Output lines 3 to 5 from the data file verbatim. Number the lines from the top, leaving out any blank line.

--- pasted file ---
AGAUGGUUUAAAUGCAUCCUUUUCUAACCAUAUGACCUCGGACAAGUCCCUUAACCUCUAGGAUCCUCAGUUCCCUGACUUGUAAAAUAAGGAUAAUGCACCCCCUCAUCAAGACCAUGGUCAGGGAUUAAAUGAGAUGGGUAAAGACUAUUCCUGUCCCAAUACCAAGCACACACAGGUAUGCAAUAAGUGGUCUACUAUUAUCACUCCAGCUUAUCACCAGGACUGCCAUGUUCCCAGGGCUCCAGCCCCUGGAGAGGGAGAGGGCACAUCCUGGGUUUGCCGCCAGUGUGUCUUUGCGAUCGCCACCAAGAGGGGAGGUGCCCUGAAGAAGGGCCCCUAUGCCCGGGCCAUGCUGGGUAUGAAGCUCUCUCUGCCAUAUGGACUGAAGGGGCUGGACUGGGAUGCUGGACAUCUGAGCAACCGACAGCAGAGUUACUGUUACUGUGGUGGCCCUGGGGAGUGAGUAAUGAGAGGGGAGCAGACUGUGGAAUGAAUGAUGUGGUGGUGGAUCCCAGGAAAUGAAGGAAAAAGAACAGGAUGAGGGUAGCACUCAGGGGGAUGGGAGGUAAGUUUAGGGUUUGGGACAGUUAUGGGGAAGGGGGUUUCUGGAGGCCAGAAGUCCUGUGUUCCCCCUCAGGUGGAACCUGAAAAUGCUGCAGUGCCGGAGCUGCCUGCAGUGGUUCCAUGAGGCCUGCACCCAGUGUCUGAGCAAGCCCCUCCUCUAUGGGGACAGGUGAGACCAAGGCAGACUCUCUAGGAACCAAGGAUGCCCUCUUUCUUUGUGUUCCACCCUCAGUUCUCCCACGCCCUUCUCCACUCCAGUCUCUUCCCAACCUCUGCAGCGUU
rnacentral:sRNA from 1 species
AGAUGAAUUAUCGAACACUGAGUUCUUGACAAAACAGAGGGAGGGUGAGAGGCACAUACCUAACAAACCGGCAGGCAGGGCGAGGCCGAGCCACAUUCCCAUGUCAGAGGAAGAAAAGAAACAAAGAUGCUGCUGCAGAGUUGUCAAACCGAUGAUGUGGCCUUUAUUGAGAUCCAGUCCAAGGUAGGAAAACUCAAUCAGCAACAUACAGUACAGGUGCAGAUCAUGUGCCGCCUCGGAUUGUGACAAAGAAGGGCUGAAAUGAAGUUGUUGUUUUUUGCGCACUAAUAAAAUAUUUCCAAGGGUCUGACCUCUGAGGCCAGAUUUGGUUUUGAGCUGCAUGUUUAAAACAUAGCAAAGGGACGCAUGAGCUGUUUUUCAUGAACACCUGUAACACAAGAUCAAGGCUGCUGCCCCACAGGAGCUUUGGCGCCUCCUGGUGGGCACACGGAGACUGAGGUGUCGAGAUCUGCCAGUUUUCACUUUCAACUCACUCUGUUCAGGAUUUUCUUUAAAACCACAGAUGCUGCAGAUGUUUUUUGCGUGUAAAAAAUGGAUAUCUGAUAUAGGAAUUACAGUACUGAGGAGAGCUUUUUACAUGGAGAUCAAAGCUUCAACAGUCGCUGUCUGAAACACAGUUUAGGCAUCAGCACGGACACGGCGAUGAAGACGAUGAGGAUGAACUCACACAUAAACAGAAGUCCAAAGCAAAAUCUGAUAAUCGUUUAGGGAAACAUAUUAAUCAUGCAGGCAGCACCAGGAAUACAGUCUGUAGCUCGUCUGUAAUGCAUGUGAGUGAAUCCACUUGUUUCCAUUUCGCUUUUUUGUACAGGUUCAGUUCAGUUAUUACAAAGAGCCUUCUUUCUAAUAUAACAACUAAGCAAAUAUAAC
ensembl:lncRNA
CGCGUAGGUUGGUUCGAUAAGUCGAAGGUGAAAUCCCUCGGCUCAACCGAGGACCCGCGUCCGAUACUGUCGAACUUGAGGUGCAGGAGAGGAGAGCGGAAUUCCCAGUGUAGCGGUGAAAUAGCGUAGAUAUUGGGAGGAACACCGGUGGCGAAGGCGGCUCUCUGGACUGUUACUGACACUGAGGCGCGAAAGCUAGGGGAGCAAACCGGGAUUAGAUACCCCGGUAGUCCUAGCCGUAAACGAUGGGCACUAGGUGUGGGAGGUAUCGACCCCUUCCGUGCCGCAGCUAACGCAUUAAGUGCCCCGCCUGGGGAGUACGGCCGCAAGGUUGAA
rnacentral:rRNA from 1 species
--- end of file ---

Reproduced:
AGAUGAAUUAUCGAACACUGAGUUCUUGACAAAACAGAGGGAGGGUGAGAGGCACAUACCUAACAAACCGGCAGGCAGGGCGAGGCCGAGCCACAUUCCCAUGUCAGAGGAAGAAAAGAAACAAAGAUGCUGCUGCAGAGUUGUCAAACCGAUGAUGUGGCCUUUAUUGAGAUCCAGUCCAAGGUAGGAAAACUCAAUCAGCAACAUACAGUACAGGUGCAGAUCAUGUGCCGCCUCGGAUUGUGACAAAGAAGGGCUGAAAUGAAGUUGUUGUUUUUUGCGCACUAAUAAAAUAUUUCCAAGGGUCUGACCUCUGAGGCCAGAUUUGGUUUUGAGCUGCAUGUUUAAAACAUAGCAAAGGGACGCAUGAGCUGUUUUUCAUGAACACCUGUAACACAAGAUCAAGGCUGCUGCCCCACAGGAGCUUUGGCGCCUCCUGGUGGGCACACGGAGACUGAGGUGUCGAGAUCUGCCAGUUUUCACUUUCAACUCACUCUGUUCAGGAUUUUCUUUAAAACCACAGAUGCUGCAGAUGUUUUUUGCGUGUAAAAAAUGGAUAUCUGAUAUAGGAAUUACAGUACUGAGGAGAGCUUUUUACAUGGAGAUCAAAGCUUCAACAGUCGCUGUCUGAAACACAGUUUAGGCAUCAGCACGGACACGGCGAUGAAGACGAUGAGGAUGAACUCACACAUAAACAGAAGUCCAAAGCAAAAUCUGAUAAUCGUUUAGGGAAACAUAUUAAUCAUGCAGGCAGCACCAGGAAUACAGUCUGUAGCUCGUCUGUAAUGCAUGUGAGUGAAUCCACUUGUUUCCAUUUCGCUUUUUUGUACAGGUUCAGUUCAGUUAUUACAAAGAGCCUUCUUUCUAAUAUAACAACUAAGCAAAUAUAAC
ensembl:lncRNA
CGCGUAGGUUGGUUCGAUAAGUCGAAGGUGAAAUCCCUCGGCUCAACCGAGGACCCGCGUCCGAUACUGUCGAACUUGAGGUGCAGGAGAGGAGAGCGGAAUUCCCAGUGUAGCGGUGAAAUAGCGUAGAUAUUGGGAGGAACACCGGUGGCGAAGGCGGCUCUCUGGACUGUUACUGACACUGAGGCGCGAAAGCUAGGGGAGCAAACCGGGAUUAGAUACCCCGGUAGUCCUAGCCGUAAACGAUGGGCACUAGGUGUGGGAGGUAUCGACCCCUUCCGUGCCGCAGCUAACGCAUUAAGUGCCCCGCCUGGGGAGUACGGCCGCAAGGUUGAA